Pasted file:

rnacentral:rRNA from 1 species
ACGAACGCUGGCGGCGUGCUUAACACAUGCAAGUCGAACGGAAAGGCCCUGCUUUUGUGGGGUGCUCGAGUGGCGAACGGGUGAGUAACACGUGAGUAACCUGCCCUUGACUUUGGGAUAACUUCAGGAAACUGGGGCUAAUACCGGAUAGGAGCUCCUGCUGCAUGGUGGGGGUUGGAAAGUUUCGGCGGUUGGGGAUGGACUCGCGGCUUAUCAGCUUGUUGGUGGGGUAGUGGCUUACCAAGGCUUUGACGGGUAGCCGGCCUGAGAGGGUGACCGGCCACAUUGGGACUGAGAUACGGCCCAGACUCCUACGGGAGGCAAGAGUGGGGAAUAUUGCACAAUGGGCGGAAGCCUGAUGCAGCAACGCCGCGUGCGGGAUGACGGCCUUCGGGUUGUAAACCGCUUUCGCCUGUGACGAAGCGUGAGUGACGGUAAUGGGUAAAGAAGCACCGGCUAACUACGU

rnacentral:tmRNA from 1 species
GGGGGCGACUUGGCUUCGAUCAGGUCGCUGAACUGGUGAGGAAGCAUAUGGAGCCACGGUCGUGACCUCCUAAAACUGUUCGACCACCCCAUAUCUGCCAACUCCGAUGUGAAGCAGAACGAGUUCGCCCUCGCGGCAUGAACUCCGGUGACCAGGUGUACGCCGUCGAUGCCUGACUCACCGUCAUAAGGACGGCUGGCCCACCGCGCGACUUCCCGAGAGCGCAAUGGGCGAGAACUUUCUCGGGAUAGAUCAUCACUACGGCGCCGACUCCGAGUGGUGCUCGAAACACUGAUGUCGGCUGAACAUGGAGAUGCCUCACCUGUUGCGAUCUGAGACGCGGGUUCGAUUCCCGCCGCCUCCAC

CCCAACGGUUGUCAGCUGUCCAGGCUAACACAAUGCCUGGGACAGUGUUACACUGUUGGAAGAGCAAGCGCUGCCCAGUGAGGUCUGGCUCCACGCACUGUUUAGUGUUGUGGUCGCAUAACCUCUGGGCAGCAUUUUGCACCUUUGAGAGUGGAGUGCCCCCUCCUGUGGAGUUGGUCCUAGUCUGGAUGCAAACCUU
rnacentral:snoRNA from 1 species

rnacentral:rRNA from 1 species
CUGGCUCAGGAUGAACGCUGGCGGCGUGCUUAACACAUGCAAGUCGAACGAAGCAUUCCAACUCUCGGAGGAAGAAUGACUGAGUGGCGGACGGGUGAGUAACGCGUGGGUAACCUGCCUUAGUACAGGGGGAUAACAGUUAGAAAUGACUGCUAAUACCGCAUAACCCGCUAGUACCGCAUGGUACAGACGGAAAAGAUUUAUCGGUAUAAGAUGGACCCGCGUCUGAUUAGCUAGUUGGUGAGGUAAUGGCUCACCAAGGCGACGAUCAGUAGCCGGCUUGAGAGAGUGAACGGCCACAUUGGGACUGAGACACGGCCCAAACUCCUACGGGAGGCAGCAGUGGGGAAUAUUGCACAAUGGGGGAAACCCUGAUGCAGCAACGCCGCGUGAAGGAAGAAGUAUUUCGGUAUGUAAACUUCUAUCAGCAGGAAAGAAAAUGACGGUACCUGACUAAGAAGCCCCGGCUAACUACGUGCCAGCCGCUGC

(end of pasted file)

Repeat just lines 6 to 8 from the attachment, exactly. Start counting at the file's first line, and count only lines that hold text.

rnacentral:snoRNA from 1 species

rnacentral:rRNA from 1 species
CUGGCUCAGGAUGAACGCUGGCGGCGUGCUUAACACAUGCAAGUCGAACGAAGCAUUCCAACUCUCGGAGGAAGAAUGACUGAGUGGCGGACGGGUGAGUAACGCGUGGGUAACCUGCCUUAGUACAGGGGGAUAACAGUUAGAAAUGACUGCUAAUACCGCAUAACCCGCUAGUACCGCAUGGUACAGACGGAAAAGAUUUAUCGGUAUAAGAUGGACCCGCGUCUGAUUAGCUAGUUGGUGAGGUAAUGGCUCACCAAGGCGACGAUCAGUAGCCGGCUUGAGAGAGUGAACGGCCACAUUGGGACUGAGACACGGCCCAAACUCCUACGGGAGGCAGCAGUGGGGAAUAUUGCACAAUGGGGGAAACCCUGAUGCAGCAACGCCGCGUGAAGGAAGAAGUAUUUCGGUAUGUAAACUUCUAUCAGCAGGAAAGAAAAUGACGGUACCUGACUAAGAAGCCCCGGCUAACUACGUGCCAGCCGCUGC